Sure. So, New York State of Health is New York’s official health plan marketplace were authorized in the federal Affordable Care Act. And we were established in 2012. So, New York has designed its marketplace as a fully integrated marketplace that’s across public and commercial insurance products. So, we enroll individuals in Medicaid, Essential Plan, Child Health Plus, and qualified health plans, with and without subsidies. It’s really a one stop shop for insurance coverage. Consumers come to us. We determine their eligibility for programs, they’re displayed a set of plan options and they enroll in coverage. So that’s New York State of Health in a nutshell. Why we’re and how we’re relevant to the public health emergency unwind, about 83% of the individuals who will need to be redetermined had their coverage through New York State of Health. So, we’re a big piece of the unwind. And I think one thing, as I mentioned, the integrated structure, what sets us up well for the unwind is that as we always do, when we determine somebody’s eligibility, if they’ve become eligible for one of our other programs, we can seamlessly enroll them into that program. And if they like they can even stay with the same insurer. So that’s a really nice feature of an integrated marketplace. The other thing about New York State of Health is that more than 99% of our applications get a real time eligibility determination. So, there’s some really nice features of New York’s marketplace. And I think that will set us up well for this unwind effort. Some of the other things that we’ve been doing to prepare, we’ve been working to update our eligibility and enrollment systems, we need to go back to the rules as they were before we were in this COVID continuous coverage period. And we’ve been doing a lot around our communications efforts to make sure people are ready and are aware of what’s coming. So just that’s, you know, how New York State of Health is involved.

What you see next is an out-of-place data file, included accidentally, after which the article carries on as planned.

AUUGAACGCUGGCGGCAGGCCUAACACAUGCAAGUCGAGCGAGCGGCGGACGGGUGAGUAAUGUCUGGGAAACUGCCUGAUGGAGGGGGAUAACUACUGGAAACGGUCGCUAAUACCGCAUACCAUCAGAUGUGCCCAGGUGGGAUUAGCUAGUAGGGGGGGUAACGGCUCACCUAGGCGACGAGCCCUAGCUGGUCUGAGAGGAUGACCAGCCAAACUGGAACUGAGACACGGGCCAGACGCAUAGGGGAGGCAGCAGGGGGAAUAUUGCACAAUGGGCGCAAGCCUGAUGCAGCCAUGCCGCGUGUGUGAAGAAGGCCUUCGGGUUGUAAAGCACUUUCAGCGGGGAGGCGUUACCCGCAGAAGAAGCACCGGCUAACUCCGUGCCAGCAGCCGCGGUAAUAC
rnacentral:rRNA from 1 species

Courtney Burke  05:55

    Yeah, this is probably one of the most important things that New York State of Health has been involved in with this current unwinding since the inception of the New York State of Health. So, I wanted to talk a little bit more about the unwinding. The federal government is having the state go back to regularly requiring that individuals prove their eligibility for coverage for these programs, that a lot of that was waived during the pandemic. So, I know the state is doing this redetermination in waves. And I think our listeners would value knowing a little bit more what that timeframe looks like and what the process is from start to end, and how it will be rolled out. So, I think Lisa, you probably are the best person because you’re the most involved in the day to day on this type of thing.

    Lisa Sbrana  06:41